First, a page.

a power supply and control unit for applying energy through the energy applying means to the artery.
  24. 24. A system as in claim 23, wherein the power supply delivers radiofrequency energy to the energy applying means.
  25. 25. A system as in claim 24, wherein the power supply and control unit further comprises a proximity sensor which receives signals from the device when the distal end is adjacent to the artery.
  26. 26. A system as in claim 24, further comprising an audible or visual signal when the energy applying means is positioned adjacent to the artery.
US11173478 2005-06-30 2005-06-30 Transvaginal uterine artery occlusion Abandoned US20070005061A1 (en)

Priority Applications (1)

Application Number Priority Date Filing Date Title
US11173478 US20070005061A1 (en) 2005-06-30 2005-06-30 Transvaginal uterine artery occlusion

Applications Claiming Priority (7)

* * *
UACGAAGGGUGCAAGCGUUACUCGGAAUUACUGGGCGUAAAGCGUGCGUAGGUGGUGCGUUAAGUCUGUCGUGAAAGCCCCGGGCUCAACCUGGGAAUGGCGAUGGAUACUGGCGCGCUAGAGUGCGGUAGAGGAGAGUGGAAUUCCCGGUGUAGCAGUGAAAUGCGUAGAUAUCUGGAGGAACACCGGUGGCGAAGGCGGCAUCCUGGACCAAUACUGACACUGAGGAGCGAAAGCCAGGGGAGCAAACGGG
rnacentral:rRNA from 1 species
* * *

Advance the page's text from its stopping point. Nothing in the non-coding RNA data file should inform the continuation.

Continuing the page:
Application Number Priority Date Filing Date Title
US11173478 US20070005061A1 (en) 2005-06-30 2005-06-30 Transvaginal uterine artery occlusion
JP2008519674A JP2009501029A (en) 2005-06-30 2006-06-30 Transvaginal uterine artery occlusion surgery
KR20077030817A KR20080027283A (en) 2005-06-30 2006-06-30 Transvaginal uterine artery occlusion
EP20060786176 EP1898800A2 (en) 2005-06-30 2006-06-30 Transvaginal uterine artery occlusion
CN 200680024015 CN101212932A (en) 2005-06-30 2006-06-30 Transvaginal uterine artery occlusion
PCT/US2006/025913 WO2007005791B1 (en) 2005-06-30 2006-06-30 Transvaginal uterine artery occlusion
US11766988 US20070244538A1 (en) 2005-06-30 2007-06-22 Transvaginal Uterine Artery Occlusion

Publications (1)

Publication Number Publication Date
US20070005061A1 true true US20070005061A1 (en) 2007-01-04

Family

ID=37590620

Family Applications (2)

Application Number Title Priority Date Filing Date
US11173478 Abandoned US20070005061A1 (en) 2005-06-30 2005-06-30 Transvaginal uterine artery occlusion